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National COVID-19 Dashboard Broadens Picture of School Response

As superintendents and principals continue to seek timely school data on COVID-19 from widely disparate state and local health systems, a coalition of education groups hopes to pool nationwide data to build a clearer picture of pandemic trends in schools.

The COVID-19 School Response Dashboard launched this week with data from its first cohort of nearly 600 district, charter, and private schools serving about 200,000 students in-person and online in 47 states.

The dashboard does not yet include a nationally representative sample of schools, but AASA, the School Superintendents Association, the National Association of Secondary School Principals, and the National Association of Elementary School Principals, who have partnered on the project, said they are working to enroll their members over the next few weeks.

Based on data from participating schools in the first two weeks of September, Emily Oster, an economist at Brown University and the data company Qualtrics, found an average of 230 confirmed or suspected COVID-19 cases per 100,000 students, and 490 cases per 100,000 staff, both of which meet the threshold for a high-level risk for infection. The analysis, as well as other recent studies, also suggested part-time remote schools had lower infection rates.

At a press conference this week, President Trump cited the study as a hopeful sign for schools reopening during the pandemic. However, school leaders should be cautious about relying on the data at this point for day-to-day reopening decisions, as it is based on school-level reporting every two weeks rather than direct health agency data. Some districts have found that reports of positive coronavirus cases among students are reported to health agencies but that information doesn't always make it to schools.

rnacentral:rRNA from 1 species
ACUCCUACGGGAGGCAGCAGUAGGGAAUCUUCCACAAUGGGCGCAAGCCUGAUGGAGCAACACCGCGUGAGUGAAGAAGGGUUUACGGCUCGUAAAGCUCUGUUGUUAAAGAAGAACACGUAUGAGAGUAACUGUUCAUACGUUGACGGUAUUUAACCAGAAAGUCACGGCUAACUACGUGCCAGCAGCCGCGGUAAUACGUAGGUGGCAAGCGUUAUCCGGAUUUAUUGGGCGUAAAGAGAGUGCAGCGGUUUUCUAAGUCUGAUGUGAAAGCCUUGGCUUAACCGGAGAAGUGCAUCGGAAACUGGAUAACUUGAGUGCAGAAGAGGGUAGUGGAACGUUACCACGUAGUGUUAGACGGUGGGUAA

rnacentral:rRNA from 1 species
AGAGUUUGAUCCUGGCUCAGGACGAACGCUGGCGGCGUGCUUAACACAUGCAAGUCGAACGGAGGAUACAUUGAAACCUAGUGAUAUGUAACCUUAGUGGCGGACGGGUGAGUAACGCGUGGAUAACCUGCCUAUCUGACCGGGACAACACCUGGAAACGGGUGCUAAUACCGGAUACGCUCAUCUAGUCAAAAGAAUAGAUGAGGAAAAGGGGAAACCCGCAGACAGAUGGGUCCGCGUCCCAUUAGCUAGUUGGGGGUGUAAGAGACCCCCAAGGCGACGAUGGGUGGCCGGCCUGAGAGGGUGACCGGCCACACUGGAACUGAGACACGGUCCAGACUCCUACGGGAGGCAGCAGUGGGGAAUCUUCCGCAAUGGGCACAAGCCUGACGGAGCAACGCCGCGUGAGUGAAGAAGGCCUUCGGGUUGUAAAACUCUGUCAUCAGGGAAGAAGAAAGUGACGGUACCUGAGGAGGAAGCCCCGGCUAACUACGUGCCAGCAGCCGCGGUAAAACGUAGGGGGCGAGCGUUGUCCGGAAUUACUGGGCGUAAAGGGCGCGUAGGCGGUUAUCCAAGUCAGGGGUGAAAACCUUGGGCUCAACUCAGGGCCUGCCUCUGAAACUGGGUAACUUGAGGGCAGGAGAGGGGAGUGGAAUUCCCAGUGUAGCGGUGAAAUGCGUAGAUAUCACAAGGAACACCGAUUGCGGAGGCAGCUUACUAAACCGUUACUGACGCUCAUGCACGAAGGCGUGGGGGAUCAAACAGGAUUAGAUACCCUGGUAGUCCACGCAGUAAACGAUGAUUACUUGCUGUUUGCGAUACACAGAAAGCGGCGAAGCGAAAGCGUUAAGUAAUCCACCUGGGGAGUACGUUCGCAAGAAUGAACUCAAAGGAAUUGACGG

For example, the new dashboard found an infection rate of less than a quarter of 1 percent per 100,000 students—but the American Academy of Pediatrics has found a cumulative infection rate for children of 780 per 100,000 students, and it reported more than 75,500 new cases of coronavirus among children alone from Sept. 3-17, a 15 percent increase from the prior period.

While it does not yet provide representative data, the dashboard does tease out more details about how the pandemic might hit different kinds of schools. For example, the infection rate among rural schools was .45 percent per 100,000 students, compared to .15 percent per 100,000 in urban schools during the same period. It's not entirely clear from the data why this is, though some rural states have had recent spikes in coronavirus cases.

Noelle Ellerson Ng of AASA said the group also is in talks with a handful of states and county associations to bring in additional data. The group plans to provide deep-dive reports on particular aspect of schools, such as types of mitigation efforts, as the dashboard expands.

Superintendents can enroll their districts here, while principals can enroll their schools directly here

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